8. 4 out of 5

    Scot McCollum

    Graphic As All Get Out...German escaping from the Russian Army I thought this book was a great read, graphic as all get out I believe that the stories presented realistically, what really happened to the Germans running from the Russian Army to try & surrender to the more hospitable Americans... Graphic As All Get Out...German escaping from the Russian Army I thought this book was a great read, graphic as all get out I believe that the stories presented realistically, what really happened to the Germans running from the Russian Army to try & surrender to the more hospitable Americans...

  9. 4 out of 5

    Cory

    War is hell. Chilling account and a great afternoon read.

  10. 4 out of 5

    Martin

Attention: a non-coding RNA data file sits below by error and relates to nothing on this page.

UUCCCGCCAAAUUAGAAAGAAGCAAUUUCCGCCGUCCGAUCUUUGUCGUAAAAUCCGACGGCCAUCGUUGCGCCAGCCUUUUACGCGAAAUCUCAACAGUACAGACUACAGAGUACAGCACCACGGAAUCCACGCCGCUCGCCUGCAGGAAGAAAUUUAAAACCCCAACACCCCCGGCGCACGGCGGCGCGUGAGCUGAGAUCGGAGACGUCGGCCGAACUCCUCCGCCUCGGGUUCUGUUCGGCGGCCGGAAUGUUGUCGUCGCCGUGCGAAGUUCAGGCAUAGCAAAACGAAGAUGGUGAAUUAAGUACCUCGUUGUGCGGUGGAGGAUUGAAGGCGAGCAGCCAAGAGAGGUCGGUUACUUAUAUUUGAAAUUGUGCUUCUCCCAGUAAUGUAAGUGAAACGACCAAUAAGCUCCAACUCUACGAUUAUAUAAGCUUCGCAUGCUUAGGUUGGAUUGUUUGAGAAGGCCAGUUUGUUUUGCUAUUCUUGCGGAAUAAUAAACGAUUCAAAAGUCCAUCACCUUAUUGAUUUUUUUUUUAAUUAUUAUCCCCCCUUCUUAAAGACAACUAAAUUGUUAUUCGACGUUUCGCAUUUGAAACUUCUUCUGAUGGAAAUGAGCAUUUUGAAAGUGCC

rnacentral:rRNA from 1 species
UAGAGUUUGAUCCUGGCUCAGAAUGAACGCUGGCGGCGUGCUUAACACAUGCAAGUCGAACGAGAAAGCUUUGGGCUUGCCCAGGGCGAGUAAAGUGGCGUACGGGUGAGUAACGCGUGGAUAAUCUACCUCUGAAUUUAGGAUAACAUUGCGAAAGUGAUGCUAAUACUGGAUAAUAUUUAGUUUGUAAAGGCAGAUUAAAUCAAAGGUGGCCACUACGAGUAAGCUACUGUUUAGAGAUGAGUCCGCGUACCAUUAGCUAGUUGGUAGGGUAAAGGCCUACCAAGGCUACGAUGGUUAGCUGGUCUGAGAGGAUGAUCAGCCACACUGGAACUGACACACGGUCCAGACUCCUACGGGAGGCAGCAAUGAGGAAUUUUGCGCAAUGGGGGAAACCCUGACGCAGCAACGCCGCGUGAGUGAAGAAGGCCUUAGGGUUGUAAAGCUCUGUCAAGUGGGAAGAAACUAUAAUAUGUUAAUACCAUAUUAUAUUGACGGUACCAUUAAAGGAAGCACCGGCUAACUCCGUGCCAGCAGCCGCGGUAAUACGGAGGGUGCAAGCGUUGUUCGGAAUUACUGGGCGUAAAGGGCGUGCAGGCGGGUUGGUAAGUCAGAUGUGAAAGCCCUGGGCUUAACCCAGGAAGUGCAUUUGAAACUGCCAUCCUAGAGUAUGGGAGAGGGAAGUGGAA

If Quentin Tarantino went through five or six German WWII Memoirs and boiled down all their action into a three day orgy of road movie/action flick, he might come close to the insanity of this book. Its billed as memoir, the writing of "Wolfgang Faust", who claims to have been a drive on the Easter Front- driving a Massive Tiger I, during the retreat of 1944-45. We start with a massive Tiger I versus Russian Stalin I battle- with lots of exploding tanks and burning buildings/bunkers. then the su If Quentin Tarantino went through five or six German WWII Memoirs and boiled down all their action into a three day orgy of road movie/action flick, he might come close to the insanity of this book. Its billed as memoir, the writing of "Wolfgang Faust", who claims to have been a drive on the Easter Front- driving a Massive Tiger I, during the retreat of 1944-45. We start with a massive Tiger I versus Russian Stalin I battle- with lots of exploding tanks and burning buildings/bunkers. then the survivors team up with some Hanomag Half-tracks full of Panzer Grenadiers and try to outrun a Soviet encirclement. There is a river to be reached and a bridge to be defended. Along the way there's a strange mystery female prisoner- and a crazy rescued Luftwaffe pilot turned gun-loader. It's an amazing read- but it rings amazingly false as memoir. There is not a single formal unit mentioned, not even the name of the "Kampfgruppe"(BattleGroup)Commander- and real German vets ALWAYS are proud of their exact unit- and the names of all the Battle Commanders they fought under. "Wolfgang Faust" is a tanker driver- down in the hull watching through a tiny protective armoured vision block- and yet he describes AERIAL WARFARE - Multiple competing Sturmovik and Stuka attacks- and DOGFIGHTS with Yak fighters- NO WAY he could see any of that. Two German Nurses suddenly appear- and then sexually service a dozen Panzer Grenadiers in return for their rations? The amount of utterly crazy stuff happening in the slim 130 page volume is just laughable as "History"- but might make a weak WWII graphic novel. With a lot of adult themes, a graphic injury every couple of pages, and zero grip on reality- this is a book for Junior reader over 13 who can tell fact from fiction. On the other hand- a Gamer/Modeller/Military Enthusiast will find a mixed bag. Nothing for the Enthusiast- as this is so crazy and fictional- but the Gamer and Modeller can find material for a possible series of Bolt Action/Flames of War/Battlegroup skirmishes, and/or a bunch of interesting Dioramas. The loose connection to reality is an impediment to enjoying this book- but not a total barrier. Read at your choice.